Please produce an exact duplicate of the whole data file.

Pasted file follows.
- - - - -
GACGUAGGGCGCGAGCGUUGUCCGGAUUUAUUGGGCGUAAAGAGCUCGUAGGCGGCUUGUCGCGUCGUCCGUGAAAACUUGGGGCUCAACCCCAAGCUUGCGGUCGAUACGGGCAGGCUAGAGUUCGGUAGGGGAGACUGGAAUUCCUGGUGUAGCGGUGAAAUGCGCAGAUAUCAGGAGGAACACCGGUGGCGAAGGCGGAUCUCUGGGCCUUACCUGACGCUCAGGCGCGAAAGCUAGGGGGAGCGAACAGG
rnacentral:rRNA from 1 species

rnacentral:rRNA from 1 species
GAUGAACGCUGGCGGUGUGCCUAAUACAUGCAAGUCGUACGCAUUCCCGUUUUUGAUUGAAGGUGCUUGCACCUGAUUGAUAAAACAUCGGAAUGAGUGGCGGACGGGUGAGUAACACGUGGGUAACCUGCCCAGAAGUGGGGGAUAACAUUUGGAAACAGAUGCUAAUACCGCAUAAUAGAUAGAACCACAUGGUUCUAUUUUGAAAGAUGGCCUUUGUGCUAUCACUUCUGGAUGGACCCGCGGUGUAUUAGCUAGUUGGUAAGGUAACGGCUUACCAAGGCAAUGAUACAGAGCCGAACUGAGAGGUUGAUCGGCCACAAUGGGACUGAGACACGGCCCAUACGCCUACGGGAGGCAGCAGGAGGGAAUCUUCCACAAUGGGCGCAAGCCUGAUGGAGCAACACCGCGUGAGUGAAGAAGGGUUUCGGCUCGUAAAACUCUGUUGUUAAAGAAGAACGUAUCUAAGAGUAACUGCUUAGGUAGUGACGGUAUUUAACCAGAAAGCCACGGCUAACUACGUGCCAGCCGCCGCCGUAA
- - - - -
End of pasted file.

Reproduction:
GACGUAGGGCGCGAGCGUUGUCCGGAUUUAUUGGGCGUAAAGAGCUCGUAGGCGGCUUGUCGCGUCGUCCGUGAAAACUUGGGGCUCAACCCCAAGCUUGCGGUCGAUACGGGCAGGCUAGAGUUCGGUAGGGGAGACUGGAAUUCCUGGUGUAGCGGUGAAAUGCGCAGAUAUCAGGAGGAACACCGGUGGCGAAGGCGGAUCUCUGGGCCUUACCUGACGCUCAGGCGCGAAAGCUAGGGGGAGCGAACAGG
rnacentral:rRNA from 1 species

rnacentral:rRNA from 1 species
GAUGAACGCUGGCGGUGUGCCUAAUACAUGCAAGUCGUACGCAUUCCCGUUUUUGAUUGAAGGUGCUUGCACCUGAUUGAUAAAACAUCGGAAUGAGUGGCGGACGGGUGAGUAACACGUGGGUAACCUGCCCAGAAGUGGGGGAUAACAUUUGGAAACAGAUGCUAAUACCGCAUAAUAGAUAGAACCACAUGGUUCUAUUUUGAAAGAUGGCCUUUGUGCUAUCACUUCUGGAUGGACCCGCGGUGUAUUAGCUAGUUGGUAAGGUAACGGCUUACCAAGGCAAUGAUACAGAGCCGAACUGAGAGGUUGAUCGGCCACAAUGGGACUGAGACACGGCCCAUACGCCUACGGGAGGCAGCAGGAGGGAAUCUUCCACAAUGGGCGCAAGCCUGAUGGAGCAACACCGCGUGAGUGAAGAAGGGUUUCGGCUCGUAAAACUCUGUUGUUAAAGAAGAACGUAUCUAAGAGUAACUGCUUAGGUAGUGACGGUAUUUAACCAGAAAGCCACGGCUAACUACGUGCCAGCCGCCGCCGUAA